Neena Kapur | The IT Ambassador
Published: Monday, October 22, 2012
Updated: Monday, October 22, 2012 07:10
With the upcoming elections, healthcare has been a hot topic of debate. While Governor Romney and President Obama are struggling to propose a feasible and effective solution to the currently dismal state of the US healthcare system, engineers at IBM think they have the solution for issues that doctors face every day.
Meet Dr. Watson, the newest member of the medical community. Dr. Watson, though, didn’t graduate from medical school — he came from the labs of IBM.
The world first met the supercomputer Watson when it made its debut on “Jeopardy!” and proceeded to destroy the show’s best human contestants. Watson demonstrated awesome computational power, processing the language of the question asked, identifying its context of and effectively delivering the correct solution in the correct format.
Now, IBM thinks that Watson can aid doctors in diagnosing patients’ conditions. Watson can go through 200 million pages of information and provide a response in less than three seconds. Why not have it sift through millions of medical records to determine the kind of cancer a patient has, based on inputted symptoms? Diagnostic error results in a significant number of malpractice lawsuits. Watson could help change this.
Though clinical decision support systems (CDSS) have been around for decades, Watson surpasses them in sophistication and capability. Previous generations of CDSS worked in the way Google does — the user would need to manually sift through the results to find relevant data. Watson changes things. As demonstrated on “Jeopardy!,” and many test runs in the IBM lab, Watson has the capability to not only process and search for the solution to a question, but also interpret the results.
The implications of Watson’s potential applications in the realm of healthcare are numerous from an economic standpoint. IBM sees Watson helping doctors and patients reduce the number of tests and treatments necessary for diagnosis, therefore saving up to $750 million annually.
A current obstacle in Watson’s application relates to the accessibility of medical records in medical communities. In many hospitals, a large percentage of decisions are not grounded in already published data, but rather previous medical records and processes that, due to privacy concerns, are not released to the general medical community. At this point in time, entrepreneurs and healthcare providers are working to create databases with more concrete evidence and records.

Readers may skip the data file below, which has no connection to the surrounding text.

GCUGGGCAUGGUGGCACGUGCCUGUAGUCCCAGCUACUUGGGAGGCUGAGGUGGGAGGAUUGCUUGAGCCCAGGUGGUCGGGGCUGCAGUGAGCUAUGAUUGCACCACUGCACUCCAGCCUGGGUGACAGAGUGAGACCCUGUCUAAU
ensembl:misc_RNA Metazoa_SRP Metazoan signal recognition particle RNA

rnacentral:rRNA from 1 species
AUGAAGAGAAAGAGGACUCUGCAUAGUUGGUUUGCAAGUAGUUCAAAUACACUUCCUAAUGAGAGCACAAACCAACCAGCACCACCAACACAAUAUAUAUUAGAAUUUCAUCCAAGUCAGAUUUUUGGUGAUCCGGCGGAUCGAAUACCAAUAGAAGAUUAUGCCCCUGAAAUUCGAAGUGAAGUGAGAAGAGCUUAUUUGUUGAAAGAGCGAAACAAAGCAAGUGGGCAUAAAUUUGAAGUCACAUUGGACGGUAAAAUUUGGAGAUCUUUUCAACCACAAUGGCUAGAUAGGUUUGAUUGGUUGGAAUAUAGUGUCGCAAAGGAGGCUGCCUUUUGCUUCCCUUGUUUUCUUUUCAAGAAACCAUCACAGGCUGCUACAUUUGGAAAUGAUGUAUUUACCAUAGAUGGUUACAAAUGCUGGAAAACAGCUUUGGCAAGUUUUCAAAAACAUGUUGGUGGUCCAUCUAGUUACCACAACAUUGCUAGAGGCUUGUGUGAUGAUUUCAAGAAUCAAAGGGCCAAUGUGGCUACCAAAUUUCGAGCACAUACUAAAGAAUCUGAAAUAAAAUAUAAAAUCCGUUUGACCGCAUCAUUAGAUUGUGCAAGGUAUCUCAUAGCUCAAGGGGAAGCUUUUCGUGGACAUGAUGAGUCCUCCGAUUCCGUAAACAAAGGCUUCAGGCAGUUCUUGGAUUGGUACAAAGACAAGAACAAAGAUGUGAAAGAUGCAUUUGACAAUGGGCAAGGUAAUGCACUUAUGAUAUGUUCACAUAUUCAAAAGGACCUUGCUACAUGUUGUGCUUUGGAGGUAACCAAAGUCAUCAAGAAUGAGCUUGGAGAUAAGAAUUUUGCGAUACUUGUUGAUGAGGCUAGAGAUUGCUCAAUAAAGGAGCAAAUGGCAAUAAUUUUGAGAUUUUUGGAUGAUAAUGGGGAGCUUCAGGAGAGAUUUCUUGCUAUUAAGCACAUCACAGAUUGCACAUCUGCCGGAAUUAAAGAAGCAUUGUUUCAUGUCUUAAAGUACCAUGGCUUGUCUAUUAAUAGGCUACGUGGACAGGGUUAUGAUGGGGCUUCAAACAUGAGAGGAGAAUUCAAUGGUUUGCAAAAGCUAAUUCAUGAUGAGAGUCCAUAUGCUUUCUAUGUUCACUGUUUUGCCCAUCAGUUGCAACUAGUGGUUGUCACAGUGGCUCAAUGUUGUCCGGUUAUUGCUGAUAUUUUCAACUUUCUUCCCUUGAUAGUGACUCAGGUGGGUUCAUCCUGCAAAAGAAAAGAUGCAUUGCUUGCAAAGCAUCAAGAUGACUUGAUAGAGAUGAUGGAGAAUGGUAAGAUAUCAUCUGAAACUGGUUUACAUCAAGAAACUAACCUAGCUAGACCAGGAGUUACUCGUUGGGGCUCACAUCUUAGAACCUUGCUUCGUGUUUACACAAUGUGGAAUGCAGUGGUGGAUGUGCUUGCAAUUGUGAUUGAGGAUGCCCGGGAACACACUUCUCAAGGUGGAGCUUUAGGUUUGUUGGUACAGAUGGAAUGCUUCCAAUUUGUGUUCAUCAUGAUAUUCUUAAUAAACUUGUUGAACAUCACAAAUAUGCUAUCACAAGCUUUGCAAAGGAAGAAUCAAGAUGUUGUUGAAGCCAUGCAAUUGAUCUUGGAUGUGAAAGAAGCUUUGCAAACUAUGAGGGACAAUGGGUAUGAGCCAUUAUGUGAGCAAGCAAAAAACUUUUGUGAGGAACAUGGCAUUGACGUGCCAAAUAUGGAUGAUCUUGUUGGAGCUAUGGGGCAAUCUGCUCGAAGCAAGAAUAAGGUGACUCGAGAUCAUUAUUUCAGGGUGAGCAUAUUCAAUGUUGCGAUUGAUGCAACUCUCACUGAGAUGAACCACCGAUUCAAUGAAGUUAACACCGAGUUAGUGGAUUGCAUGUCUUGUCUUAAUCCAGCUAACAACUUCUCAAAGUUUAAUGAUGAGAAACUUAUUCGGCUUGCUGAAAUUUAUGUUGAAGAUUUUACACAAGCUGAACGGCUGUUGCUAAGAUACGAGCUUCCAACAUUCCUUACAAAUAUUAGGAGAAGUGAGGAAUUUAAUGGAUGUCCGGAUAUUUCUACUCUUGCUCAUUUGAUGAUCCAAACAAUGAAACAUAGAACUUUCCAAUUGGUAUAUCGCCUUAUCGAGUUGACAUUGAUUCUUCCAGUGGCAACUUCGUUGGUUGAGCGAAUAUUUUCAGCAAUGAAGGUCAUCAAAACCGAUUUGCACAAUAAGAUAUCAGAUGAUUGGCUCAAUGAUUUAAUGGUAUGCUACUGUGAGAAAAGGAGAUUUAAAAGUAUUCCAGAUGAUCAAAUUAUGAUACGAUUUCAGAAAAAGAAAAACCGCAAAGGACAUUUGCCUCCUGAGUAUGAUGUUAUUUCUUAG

There are many objections to the implementation of Watson, and rightfully so — many of come from doctors themselves. As revolutionary as Watson is, the possibility that doctors may grow dependent on it could harm, rather than help, the medical community. Just as we have become overly reliant on using GPS devices in our cars, the convenience of Watson could dissuade doctors from maintaining their own mastery of the subject. This is certainly a valid concern, but it must be understood that the purpose of Watson is to be a doctor’s aid, not a doctor. Doctors would still identify symptoms, communicate with patients and provide treatments.
Recently, IBM partnered with WellPoint insurance company and the Sloan−Kettering Cancer Center. The company is expected to offer Watson commercially to hospitals within the next few years. Implementing Watson will speed up the process, and increase the accuracy of patient diagnosis and will push the medical community to create effective databases to enable both doctors and machines to more easily access previous medical records and information. Though your physician in the white lab coat will be the one listening to your heartbeat and pointing a light in your eye when you are feeling ill, Dr. Watson could be helping to find a solution behind the scenes.
Neena Kapur is a sophomore majoring in international relations and computer science. She can be reached at Neena.Kapur@tufts.edu.